Consumer confidence dips to six-year low ahead of Brexit deadline
September 27th, 2019, YouGov

Consumer confidence dips to six-year low ahead of Brexit deadline

  • Confidence dropped to 103.4 in September, the lowest level since May 2013
  • Most Britons expect recession and rise in unemployment over coming year
  • Respondents grow more pessimistic on business activity and household finances

With just a month to go until the Government’s Brexit deadline, but no sign of a workable deal with the EU, consumer confidence has continued its long-term downward trend. The latest analysis from YouGov and the Centre for Economics and Business Research shows that Britons became more pessimistic about job security, business activity and their household finances during September.

The headline consumer confidence measure dropped to 103.4 in September from 104 the previous month. The figure has now either dropped or remained static for five consecutive months, and is more than four points lower than this time last year.


While any score over 100 means more consumers are confident than unconfident, the index is still notably below where it was before the UK voted to leave the European Union in 2016. In fact, you have to trace the history of the YouGov/Cebr tracker back to May 2013 to find lower confidence, when we saw a figure of 102.9.

YouGov collects consumer confidence data every day, conducting over 6,000 interviews a month. Respondents are asked about household finances, property prices, job security and business activity, both over the past 30 days and looking ahead to the next 12 months.

Just two of the eight metrics which make up the overall figure rose over the last month.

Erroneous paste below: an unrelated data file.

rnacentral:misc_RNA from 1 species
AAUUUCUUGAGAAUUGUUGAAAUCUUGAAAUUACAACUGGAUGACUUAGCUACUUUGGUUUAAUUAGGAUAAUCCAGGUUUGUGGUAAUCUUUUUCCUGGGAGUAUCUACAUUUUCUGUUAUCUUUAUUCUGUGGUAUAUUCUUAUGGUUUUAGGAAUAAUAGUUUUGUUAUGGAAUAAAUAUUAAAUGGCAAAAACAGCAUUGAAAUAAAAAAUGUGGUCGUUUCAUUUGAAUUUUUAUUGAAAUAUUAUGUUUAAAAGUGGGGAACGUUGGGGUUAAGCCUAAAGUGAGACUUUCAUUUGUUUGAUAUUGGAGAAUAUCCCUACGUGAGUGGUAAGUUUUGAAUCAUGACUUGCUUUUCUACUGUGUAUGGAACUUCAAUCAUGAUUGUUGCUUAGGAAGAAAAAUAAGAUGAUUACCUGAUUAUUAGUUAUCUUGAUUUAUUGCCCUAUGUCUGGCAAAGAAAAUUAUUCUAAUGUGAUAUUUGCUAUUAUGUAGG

Respondents were less confident about the state of their household finances during September (down a whole point from August to 93.8) and expectations over the coming year were down 1.6 points to 93.2.

They were likewise more pessimistic about their perceived job security, with respondents sending the metric for the last month down 1.4 points to 92, and their expectations for the coming year down 0.2 points to 112.4.

Some 64% of Britons now believe that unemployment will rise over the coming year (up a single percentage point on last month) and 75% think the economy will be in a depression or a recession (unchanged from last month). Unsurprisingly, given that pessimistic outlook, the estimate of business activity over the past month fell 2.1 points to 106.2 and the outlook for the coming year was down 4.8 points to 109.4.

The only measures which remained buoyant over September related to house prices. Despite expecting a rise in unemployment and troubled waters for the UK economy, Britons are confident about their house value in both the short term (up 2.2 points to 109.2) and long term (up 4.7 points to 110.9).

Oliver Rower, Director of Reputation Research at YouGov, said:

“Our data shows that confidence continues to slide as Britain lingers in uncertainty. Not only that, but we also see that most Britons expect things to get worse yet, and that the economy will slide into recession or even depression.”


Kay Daniel Neufeld, Head of Macroeconomics at the Centre for Economics and Business Research, said:

“The sentiment among UK consumers continues to darken as the YouGov / Cebr consumer confidence index drops to a six-year low. With measures on household finances, business activity and job security all in decline, the gloom is widespread and touches on almost all sectors of the economy. It is clear now that the UK has shifted into a slower growth mode due to a combination of ongoing domestic political uncertainty and global economic headwinds. So far, consumers have been spared the worst of it as the labour market continues to chug along. However, if the slump deepens and unemployment should start to rise in the coming months, as most Britons expect, consumer confidence might yet have further to fall.”